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Sorority Sisters: A Novel Mass Market Paperback – May 1, 2007
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"Butler realistically captures the trials and tribulations of African-American college women. . . . Rarely has there been a depiction of African-American college life as vivid and accurate as Sorority Sisters."
--Lawrence C. Ross, Jr., author of The Divine Nine: The History of African American Fraternities and Sororities
"Sorority Sisters examines the issues facing women walking a tightrope between the teen years and adulthood. . . . The fact that the author provided a peek into the pledge process of African-American sororities made the book even more tasty."
"Butler’s approach to the issues surrounding sororities and fraternities, sex and relationships, friendships and sisterhood, [is] genuine and down to earth. Sorority Sisters is a relaxing read that offers a trip down memory lane for some and a heads-up for others."
--Black Issues Book Review
"Tajuana ‘TJ’ Butler scores big. . . . Serious subtexts involving STDs and loyalty never come across as preachy. Butler keeps her prose light and entertaining, making Sorority Sisters an enjoyable page-turner."
From the Trade Paperback edition.
About the Author
TAJUANA "TJ" BUTLER is a writer and poet who speaks about sisterhood at colleges around the country. She has published a collection of poetry entitled The Desires of a Woman. Villard will publish her second novel, Hand-me-down Heartache in October 2001. She lives in Los Angeles.
From the Hardcover edition.
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I really enjoyed all the characters of this book. I feel as if Butler gave us "enough" background on each one. The life mix of the these young ladies was very realistic. It is exactly what you will find on any college campus. One came from a rich family making for some class differences. There was one with a troubled past and dysfunctional family which made her feel somewhat insecure at times. There was the ambitious and career driven one. Another young woman was struggling with the fact that she was adopted. I admired the fact that when the pledge process was over these women held on to their friendships that they had prior to joining their sorority. That was a great point for Butler to make because stereotypically people have the idea that once you join a sorority or fraternity you forget all about the friends you had prior to joining.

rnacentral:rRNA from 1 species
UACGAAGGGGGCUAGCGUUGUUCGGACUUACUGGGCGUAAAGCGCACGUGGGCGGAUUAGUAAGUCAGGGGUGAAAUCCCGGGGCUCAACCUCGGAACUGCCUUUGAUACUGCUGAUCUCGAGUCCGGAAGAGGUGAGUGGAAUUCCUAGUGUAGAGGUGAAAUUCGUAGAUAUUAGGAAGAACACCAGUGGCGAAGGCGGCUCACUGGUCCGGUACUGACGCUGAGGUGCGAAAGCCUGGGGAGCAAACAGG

Butler did an outstanding job on showing how college age women and men handle relationships. There was friend betrayal, an unplanned pregnancy, breakups, and the handling of the contraction of an STD. It was refreshing to see how these characters worked out and talked out many situations that were really hard to share. This work exemplified what the strength of sisterhood looks like.
Having pledged the first and finest Sorority, Alpha Kappa Alpha Sorority, Inc., myself reading about these young ladies brought back some memories. There were many relatable moments throughout the text. Butler made the pledge process interesting but with much discretion. I appreciated that most of all. Overall, this was a well balanced and very enjoyable read.
Five African American women, from all types of life experiences are united in a common bond of pledging a sorority. Sorority Sisters is an accounting of the lifelong friendships that developed through the pledging experience and the feelings of true sisterhood that blossom. Each lady: Cajen, Chancey, Malena, Stephanie, and Tiara each have their own personal reasons for wanting to be a part of such a prestigious organization. Each has problems, lets face it, who doesn't, but their ability to work through the pledge process and the ability to share their lives with each other brings about a closeness that can't be duplicated.
Ms. Butler has done a fine job in writing a book that exposes both feeling and atmosphere. Each character is well developed and as a reader I didn't feel the need to stick to one character and follow her through the journey. The intermingling of characters made the read exciting and fast. Her freshman endeavor in writing is worthy of praise as I feel she's done a fine job of adequately representing a process that is shrouded in mystery and misunderstanding. Without divulging any sorority secrets, she has brought about understanding in a compact novel.